taking the words of Jesus seriously

When I think about the changing cultural and religious landscape, I often visualize a large theater where we collectively go for connection, entertainment, and a sense of purpose. On the main stage of that theater is a figure that looks a lot like me: a white, heterosexual, cisgender male. That figure has been performing one of the longest solos in history. In the face of a dissatisfied audience, he’s reluctant to hand over the mic to a different voice and take a seat. Instead, he offers encore after encore that no one requested.

In my own career, I feel this metaphor in action. As a pastor and occasional writer and speaker, I have enjoyed being at the center of the cultural and religious landscape. I can, however, see my time with the mic wrapping up and perhaps for good reason.

Fewer and fewer folks seek spiritual insight from Christian circles, even progressive ones. If they do, they’re generally not seeking cis-hetero-white-male voices, which I understand. Those aren’t the voices I’m learning from these days, so why should I expect others to? There’s a sort of historical leveling of the playing field happening right now, and it’s a beautiful thing.

That doesn’t mean it doesn’t have tough implications, like rethinking my career path. Don’t get me wrong. This isn’t going to turn into one of those plight of the white guy articles. The world certainly doesn’t need more of those. I like to think that most open- minded white men would logically support the increased prominence of other voices, especially in light of how many of those voices were tokenized, trivialized, or blatantly ignored for so long.

The problem is, we’re not logical. We’re caught up in our emotions. The loss of space in the cultural landscape can feel like suffering — even if it’s ridiculous to call it that in the face of things like police brutality and sexual assault. To borrow an image from Viktor Frankl, suffering behaves like a gas that fills a room regardless of the quantity of gas or size of room. Perceived suffering, no matter how minuscule, always wants to take up as much space as possible in our psyche.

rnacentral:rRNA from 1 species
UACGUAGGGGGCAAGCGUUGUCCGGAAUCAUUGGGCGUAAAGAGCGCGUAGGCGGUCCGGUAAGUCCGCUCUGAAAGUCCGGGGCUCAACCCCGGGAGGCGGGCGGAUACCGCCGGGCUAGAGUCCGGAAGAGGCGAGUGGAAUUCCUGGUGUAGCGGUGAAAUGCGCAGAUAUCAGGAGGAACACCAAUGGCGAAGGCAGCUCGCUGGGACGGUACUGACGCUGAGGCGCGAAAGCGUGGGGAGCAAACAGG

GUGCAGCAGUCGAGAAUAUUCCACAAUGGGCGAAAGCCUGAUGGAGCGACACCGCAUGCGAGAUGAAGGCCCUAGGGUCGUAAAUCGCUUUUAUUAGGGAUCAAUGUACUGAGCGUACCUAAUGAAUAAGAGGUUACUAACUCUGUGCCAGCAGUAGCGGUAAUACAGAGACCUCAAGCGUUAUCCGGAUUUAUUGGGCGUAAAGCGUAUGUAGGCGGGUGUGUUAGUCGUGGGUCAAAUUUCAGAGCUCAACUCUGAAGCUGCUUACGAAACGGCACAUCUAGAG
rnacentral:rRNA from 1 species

So while the loss of cultural importance isn’t even in the same playing field as what women, people of color, and LGBTQ folks have endured, it tries to hold the same weight in the minds of straight white guys like me.

That’s where cis-hetero white men need an intervention. We need something to help us expand our capacity for understanding so that we can find an appropriate place for our own experiences. We need to acknowledge own own feelings while putting them in the broader scope of the feelings and experiences of others.

For white guys who follow Jesus, the stories and symbols of Jesus can act as this intervention. They have the potential to expand our capacity for empathy while also acknowledging any perceived suffering. Those are literally the basic images of Christianity: a divine being who knows what it feels like to suffer and who also insists on prioritizing the interests of others, especially those who have endured oppression.

Not to mention, if we spend any time looking at Jesus’ suffering at the hands of a brutal empire, we are quickly asked to examine our own social locations. My standing often looks more like that of the occupying force rather than the occupied resistance. I’m sitting on the largest heap of historical advantage the world has known, which puts any perceived suffering in perspective.

The stories of Jesus also intervene with the socio-economic roots of the perceived suffering of white men. As voices like mine lose their centrality in culture, the underlying fear is that there won’t be enough space for us. Yet, Jesus is constantly trying to show his followers that, in the face of perceived scarcity, there are actually plenty of resources to go around (see Matthew 14:13-21; 15:32-36, Mark 8:1-9, John 21:1-14).

While not always easy, adopting Jesus’ socio-economic outlook tends to knock the wind out of perceived suffering by addressing the underlying anxiety. It’s the intervention many of us need.

When the intervention works, we stop fighting for more solo time. We take a seat and listen for awhile — at least until we find where we fit. Then we can seek to harmonize with a larger chorus of voices working for a better world. It turns out, the whole thing sounds a lot better that way.

About The Author


Sam Altis is a former pastor, current nonprofit manager, and host of A Better Story podcast. He lives in Los Angeles with his wife Kaylan, who is a clinical psychologist, and their anxiety prone dog Ralphy.

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